So when someone say, “Oh, I don’t have time for that,” what he or she really means is, “I don’t think that’s important enough to make time for.” And that’s OK.
I can’t believe it’s been two years. A lot has happened in the two-year break from blogging, but hopefully this is my return to writing, sharing my personal recipes, and sharing what I’ve learned in my – ah-hem – nearly 50 years (I turn 50 this July).
My interests have evolved so the blog may have more gardening and decorating posts, but who knows? I’ll try to write more often and hopefully you’ll find it entertaining and useful! I’m still making herbal remedies, but the business name has changed to reflect more of ‘place’. The new name is Farm44Herbals and you can find my single remedy tinctures on Etsy. I’m still involved with Montessori, Stott Pilates, cooking, and being a Mum to two adult daughters, seven chickens, and one Labrador retriever. Life is good.
But, back to the immediate reality. I’m hoping the weather turns for the better. I have 10 yards of loam to mix with peat moss and and then put into three new garden beds. Those plants aren’t going to plant themselves.
Below is a snippet of what’s going on around the farm.
Thanks for sticking around,
I’m in the middle of labeling more batches of my herbal products for my Etsy shop, sipping on a tall glass of ginger honey lemonade and thought I should share this awesome recipe. I can get back to labeling later.
Making it by the gallon will make sense after you’ve had a glass. It doesn’t last long. This lemonade is super simple to make and is so good for you.
Ginger is in the same family as turmeric and cardamom, making it very warming and stimulating to the circulatory system. Ginger is soothing to the digestive tract, is anti-inflammatory, and some resources show that it inhibits the growth of rhinovirus, the common cold.
Lemon juice is loaded with vitamins and minerals, stimulates the production of bile to help move toxins out of your body, is antiseptic and anti-bacterial, aids digestion, and as an added bonus makes your skin radiate. If you want to really boost your immunity zest some of the lemons into the lemonade! The zest has five times more antioxidant power than the juice.
Raw honey is a miracle food created by the wondrous, hard-working humble honey bee. There is some truth to honey helping with allergies so it is best to get honey that’s been created from your local flora. Honey is antibacterial, anti-microbial, and reduces inflammation. And honey is lower on the glycemic index making it a much better natural alternative to white sugar.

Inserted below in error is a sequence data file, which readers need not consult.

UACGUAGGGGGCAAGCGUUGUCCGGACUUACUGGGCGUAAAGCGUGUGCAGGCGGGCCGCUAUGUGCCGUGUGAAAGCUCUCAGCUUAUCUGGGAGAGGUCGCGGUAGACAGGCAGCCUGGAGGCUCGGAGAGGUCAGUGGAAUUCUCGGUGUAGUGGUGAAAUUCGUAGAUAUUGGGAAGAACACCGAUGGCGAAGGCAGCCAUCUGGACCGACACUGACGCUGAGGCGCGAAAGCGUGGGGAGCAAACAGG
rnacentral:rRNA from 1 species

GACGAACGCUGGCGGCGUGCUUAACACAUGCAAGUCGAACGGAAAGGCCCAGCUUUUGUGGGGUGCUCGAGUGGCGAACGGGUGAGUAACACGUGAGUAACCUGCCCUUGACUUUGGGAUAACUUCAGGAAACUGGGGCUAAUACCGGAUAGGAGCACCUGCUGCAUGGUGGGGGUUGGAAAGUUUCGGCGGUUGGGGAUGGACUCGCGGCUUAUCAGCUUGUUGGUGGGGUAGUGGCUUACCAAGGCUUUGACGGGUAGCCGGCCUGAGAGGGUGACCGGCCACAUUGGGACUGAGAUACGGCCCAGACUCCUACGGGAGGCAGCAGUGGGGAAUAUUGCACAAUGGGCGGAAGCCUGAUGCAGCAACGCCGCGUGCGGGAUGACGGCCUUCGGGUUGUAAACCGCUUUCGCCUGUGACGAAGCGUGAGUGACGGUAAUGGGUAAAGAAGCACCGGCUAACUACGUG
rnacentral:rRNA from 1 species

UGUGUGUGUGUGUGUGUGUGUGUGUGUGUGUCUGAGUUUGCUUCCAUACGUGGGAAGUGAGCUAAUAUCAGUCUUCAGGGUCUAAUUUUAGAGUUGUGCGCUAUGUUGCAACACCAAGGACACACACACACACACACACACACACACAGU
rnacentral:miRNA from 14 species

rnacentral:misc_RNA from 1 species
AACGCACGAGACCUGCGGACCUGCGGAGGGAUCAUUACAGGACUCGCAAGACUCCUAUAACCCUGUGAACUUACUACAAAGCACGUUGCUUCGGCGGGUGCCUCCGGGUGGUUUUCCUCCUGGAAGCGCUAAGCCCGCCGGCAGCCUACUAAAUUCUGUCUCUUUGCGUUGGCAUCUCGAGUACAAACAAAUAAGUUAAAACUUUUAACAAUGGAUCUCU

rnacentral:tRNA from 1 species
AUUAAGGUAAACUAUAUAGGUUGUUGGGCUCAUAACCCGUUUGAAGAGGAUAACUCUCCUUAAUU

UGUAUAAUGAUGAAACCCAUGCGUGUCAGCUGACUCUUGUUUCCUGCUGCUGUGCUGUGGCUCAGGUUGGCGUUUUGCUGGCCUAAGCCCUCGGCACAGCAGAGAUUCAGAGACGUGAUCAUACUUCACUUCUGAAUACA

Where do I get my raw honey? I am lucky enough to have my own apiary and access to raw honey, but if you’re looking for good honey you must seek out a local beekeeper. Google search for a local beekeepers club and give them a call. Better yet, go to your local farmer’s market. There’s bound to be a beekeeper or two selling their own honey and beeswax products. Make sure it’s raw, though. It may be crystalized or it may not. It’s not bad if it has crystalized; it’s a normal process that occurs after the honey is removed from the hive. We like the crystalized honey – it’s easy to spread on toast, melt into tea, and blend into smoothies and measure for recipes.
NOTE: Avoid pasteurized honey! It is no better than sugar. And don’t even bother with commercial brands of honey since many are imported and we are now finding out are not even real honey but high fructose corn syrup and other fillers. Yuck. Who needs it?
Ginger Honey Lemonade
Makes 1 gallon
- 1C peeled and freshly grated ginger (or more to taste)
- 1 ½C of freshly squeezed lemon juice (about 7-8 juicy lemons, depending on size)
- 1C local, raw honey (or more to taste)
- 4 quarts of water
- extra lemons for garnish
In a large pot, bring the water to a boil. Add the grated ginger and simmer for 45 minutes. Turn heat off and let sit for 2 hours. Strain the ginger out of the water, using a fine mesh sieve, into a serving pitcher or large container. Add the lemon juice and honey while the ginger water is still warm. Stir until combined. Taste and adjust sweetness. Serve warm or chilled on ice. Garnish with a lemon wedge.